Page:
The music matches the haunting and ravishing views of Africa and was composed by the Spaniard Alberto Iglesias.

The film starts in Kenya with the off-screen murder of Tess (Oscar winning Rachel Weisz), the campaigning wife of diplomat Justin Quayle (Ralph Fiennes).  Normally, I don’t like stories that begin with a major character’s murder and then persist in giving us flash-backs, but it worked well in the book and it does in the film too. 

Tess was an activist-humanitarian working with African physician Arnold Bluhm (Herbert Kounde). She upset the tightly-knit diplomatic community with her passion for speaking out, particularly against Three Bees Pharmaceutical which ostensibly provides jobs, aid and money. 

The quiet widower, Quayle, slowly digs around the edges of his late wife’s past and unearths uncomfortable mysteries and a few home truths.  Fiennes’s performance is understated and is particularly moving when he finally breaks down in his garden to weep for his lost love.

If this had been a Hollywood film, doubtless Quayle would have gone out for vengeance with a gun or two. Instead, he simply pokes around, unsettling the hidden powers behind the shadowy pharmaceutical company, including Sir Bernard Pellegrin (Bill Nighy) who is in the Pharma’s pocket and just happens to be Quayle’s boss at the Foreign Office. 

It’s an unnerving film, because it tells us that, unless things change radically, the beautiful continent of Africa is doomed by commercial greed and despotism. Nothing new there, then. Worse, though, the incidence of tuberculosis is increasing and will spread into Europe as the mass migration of illegal immigrants continues; prophetic, it seems, since that is the case now in UK. Yes, there is hope, but it is slim. The ending, for me, was unsatisfying, which was the same emotional response I gleaned from the book.  See this powerful and at times emotional film, by all means, but it isn’t really entertainment as the message dominates too much.

Le Carré can get away with switching tense and POV because he’s such a good writer. Within a short space of time, the reader is immersed in his characters’ worlds. I haven’t yet read all his books, but I’ve read the majority, including all of the spy novels. For me, outside his spy fiction, The Night Manager is one of his suspenseful best. Still, you’d be hard-pressed to find a bad Le Carré book; it is soon to be filmed as a TV series.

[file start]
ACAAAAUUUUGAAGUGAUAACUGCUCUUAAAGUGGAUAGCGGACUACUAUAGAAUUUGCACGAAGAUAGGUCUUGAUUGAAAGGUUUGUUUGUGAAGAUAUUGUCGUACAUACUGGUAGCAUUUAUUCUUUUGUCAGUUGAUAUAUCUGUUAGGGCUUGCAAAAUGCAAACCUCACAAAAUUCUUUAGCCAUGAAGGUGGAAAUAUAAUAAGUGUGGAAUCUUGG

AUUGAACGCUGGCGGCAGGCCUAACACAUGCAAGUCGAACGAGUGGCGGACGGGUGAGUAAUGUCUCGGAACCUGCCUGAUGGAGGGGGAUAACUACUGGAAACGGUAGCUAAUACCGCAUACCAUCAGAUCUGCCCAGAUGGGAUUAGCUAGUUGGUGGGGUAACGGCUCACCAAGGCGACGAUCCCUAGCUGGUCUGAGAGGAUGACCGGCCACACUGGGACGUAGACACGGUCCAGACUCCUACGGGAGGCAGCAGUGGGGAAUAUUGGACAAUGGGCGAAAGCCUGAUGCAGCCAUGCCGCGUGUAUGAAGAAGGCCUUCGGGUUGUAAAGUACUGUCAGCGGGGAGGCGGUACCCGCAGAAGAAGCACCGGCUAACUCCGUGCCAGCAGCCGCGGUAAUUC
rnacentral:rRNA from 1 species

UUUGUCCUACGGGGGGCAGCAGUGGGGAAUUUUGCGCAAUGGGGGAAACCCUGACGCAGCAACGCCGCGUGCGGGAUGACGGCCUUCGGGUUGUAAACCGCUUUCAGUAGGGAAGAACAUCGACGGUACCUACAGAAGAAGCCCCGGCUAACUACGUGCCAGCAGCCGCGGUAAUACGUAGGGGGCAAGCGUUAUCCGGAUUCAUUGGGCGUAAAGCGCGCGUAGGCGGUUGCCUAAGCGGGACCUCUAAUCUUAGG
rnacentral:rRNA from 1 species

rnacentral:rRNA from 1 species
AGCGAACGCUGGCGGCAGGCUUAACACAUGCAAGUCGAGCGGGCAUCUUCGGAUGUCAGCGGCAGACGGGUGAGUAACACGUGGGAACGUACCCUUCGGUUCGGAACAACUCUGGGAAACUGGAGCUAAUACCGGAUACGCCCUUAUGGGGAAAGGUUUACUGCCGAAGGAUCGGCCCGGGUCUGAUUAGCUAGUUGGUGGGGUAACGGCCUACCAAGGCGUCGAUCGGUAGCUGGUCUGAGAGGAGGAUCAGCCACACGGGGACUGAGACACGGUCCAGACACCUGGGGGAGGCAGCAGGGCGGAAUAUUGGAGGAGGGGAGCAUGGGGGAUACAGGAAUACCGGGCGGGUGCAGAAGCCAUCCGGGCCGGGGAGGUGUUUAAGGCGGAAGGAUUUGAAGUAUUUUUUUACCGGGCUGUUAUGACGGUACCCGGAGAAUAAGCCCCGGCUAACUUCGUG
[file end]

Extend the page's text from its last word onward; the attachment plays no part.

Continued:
Note: You can read about my fictional pharma, Cerberus Worldwide, in my ‘Avenging Cat’ thriller series, beginning with Catalyst.
Amazon UK e-book here
Amazon COM e-book here
Paperbacks are also available at a good price!
Or try getting the paperback from The Book Depository post-free worldwide!


Thursday, 11 December 2014

'Chemistry of Love'

Today sees the launch of the first book in the Avenging Cat series, Catalyst. Writers are often asked where their ideas for books stem from; this may partially answer that question for Catalyst, though the genesis of the storyline/back-story still needs an explanation!

The Avenging Cat series evolved from a theme set at the writers’ circle a few years ago. My take on the ‘love’ theme was ‘Chemistry of Love’. It is definitely tell rather than show, and ultimately is the motivation for Catherine Vibrissae’s vendetta against Cerberus. Dates and certain other incidents were altered when I wrote the book, Catalyst.


They were inseparable, Deborah, Daniel and Loup.  The young constantly reinvent themselves and the world, rediscovering things their elders take for granted. They probably knew that Oxford had been an exciting place for students for centuries, but it just seemed that in the 1960s everything was different and new.  Out with the old, in with the new. Perhaps they took heart from Harold Wilson’s words when he was leading the Opposition. They were certainly keen to be part of ‘the white heat of the scientific and technical revolution’ he espoused and to prove it they found daily challenges in their respective chemistry courses.